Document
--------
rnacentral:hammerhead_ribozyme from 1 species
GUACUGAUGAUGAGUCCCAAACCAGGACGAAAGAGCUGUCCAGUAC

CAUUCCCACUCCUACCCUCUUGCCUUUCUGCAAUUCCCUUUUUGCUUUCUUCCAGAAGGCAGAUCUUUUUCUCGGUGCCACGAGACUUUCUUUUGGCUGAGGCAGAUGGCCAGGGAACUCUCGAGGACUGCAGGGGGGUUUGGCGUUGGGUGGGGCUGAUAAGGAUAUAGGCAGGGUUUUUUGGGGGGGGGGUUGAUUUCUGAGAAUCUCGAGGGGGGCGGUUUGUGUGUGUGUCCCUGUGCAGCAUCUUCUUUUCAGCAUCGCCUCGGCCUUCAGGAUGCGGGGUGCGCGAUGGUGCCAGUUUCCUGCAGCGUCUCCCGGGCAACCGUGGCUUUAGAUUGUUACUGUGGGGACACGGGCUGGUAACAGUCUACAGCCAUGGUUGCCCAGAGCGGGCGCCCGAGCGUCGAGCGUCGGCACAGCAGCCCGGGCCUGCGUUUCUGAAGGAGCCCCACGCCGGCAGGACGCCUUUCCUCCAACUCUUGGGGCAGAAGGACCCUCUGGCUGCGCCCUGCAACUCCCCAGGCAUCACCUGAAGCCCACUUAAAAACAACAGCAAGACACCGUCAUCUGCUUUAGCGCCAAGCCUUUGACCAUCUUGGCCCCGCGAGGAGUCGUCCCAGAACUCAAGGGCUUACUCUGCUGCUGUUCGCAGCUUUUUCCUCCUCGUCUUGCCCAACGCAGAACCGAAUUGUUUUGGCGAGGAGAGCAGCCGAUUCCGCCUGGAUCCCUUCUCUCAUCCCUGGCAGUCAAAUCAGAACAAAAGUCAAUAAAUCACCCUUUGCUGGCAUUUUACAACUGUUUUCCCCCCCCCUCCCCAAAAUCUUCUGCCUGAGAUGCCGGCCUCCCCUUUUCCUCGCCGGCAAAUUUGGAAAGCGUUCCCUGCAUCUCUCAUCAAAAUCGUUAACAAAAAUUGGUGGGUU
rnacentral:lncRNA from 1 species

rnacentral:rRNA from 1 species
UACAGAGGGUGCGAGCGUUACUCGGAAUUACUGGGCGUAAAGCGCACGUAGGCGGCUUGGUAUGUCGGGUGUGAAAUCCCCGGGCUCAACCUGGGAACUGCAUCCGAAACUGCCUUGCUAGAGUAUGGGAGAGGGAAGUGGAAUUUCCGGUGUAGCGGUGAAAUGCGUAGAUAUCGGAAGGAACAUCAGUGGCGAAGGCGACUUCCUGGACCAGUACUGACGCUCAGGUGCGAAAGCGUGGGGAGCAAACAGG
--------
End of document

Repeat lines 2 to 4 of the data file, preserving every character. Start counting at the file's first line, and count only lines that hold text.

GUACUGAUGAUGAGUCCCAAACCAGGACGAAAGAGCUGUCCAGUAC

CAUUCCCACUCCUACCCUCUUGCCUUUCUGCAAUUCCCUUUUUGCUUUCUUCCAGAAGGCAGAUCUUUUUCUCGGUGCCACGAGACUUUCUUUUGGCUGAGGCAGAUGGCCAGGGAACUCUCGAGGACUGCAGGGGGGUUUGGCGUUGGGUGGGGCUGAUAAGGAUAUAGGCAGGGUUUUUUGGGGGGGGGGUUGAUUUCUGAGAAUCUCGAGGGGGGCGGUUUGUGUGUGUGUCCCUGUGCAGCAUCUUCUUUUCAGCAUCGCCUCGGCCUUCAGGAUGCGGGGUGCGCGAUGGUGCCAGUUUCCUGCAGCGUCUCCCGGGCAACCGUGGCUUUAGAUUGUUACUGUGGGGACACGGGCUGGUAACAGUCUACAGCCAUGGUUGCCCAGAGCGGGCGCCCGAGCGUCGAGCGUCGGCACAGCAGCCCGGGCCUGCGUUUCUGAAGGAGCCCCACGCCGGCAGGACGCCUUUCCUCCAACUCUUGGGGCAGAAGGACCCUCUGGCUGCGCCCUGCAACUCCCCAGGCAUCACCUGAAGCCCACUUAAAAACAACAGCAAGACACCGUCAUCUGCUUUAGCGCCAAGCCUUUGACCAUCUUGGCCCCGCGAGGAGUCGUCCCAGAACUCAAGGGCUUACUCUGCUGCUGUUCGCAGCUUUUUCCUCCUCGUCUUGCCCAACGCAGAACCGAAUUGUUUUGGCGAGGAGAGCAGCCGAUUCCGCCUGGAUCCCUUCUCUCAUCCCUGGCAGUCAAAUCAGAACAAAAGUCAAUAAAUCACCCUUUGCUGGCAUUUUACAACUGUUUUCCCCCCCCCUCCCCAAAAUCUUCUGCCUGAGAUGCCGGCCUCCCCUUUUCCUCGCCGGCAAAUUUGGAAAGCGUUCCCUGCAUCUCUCAUCAAAAUCGUUAACAAAAAUUGGUGGGUU
rnacentral:lncRNA from 1 species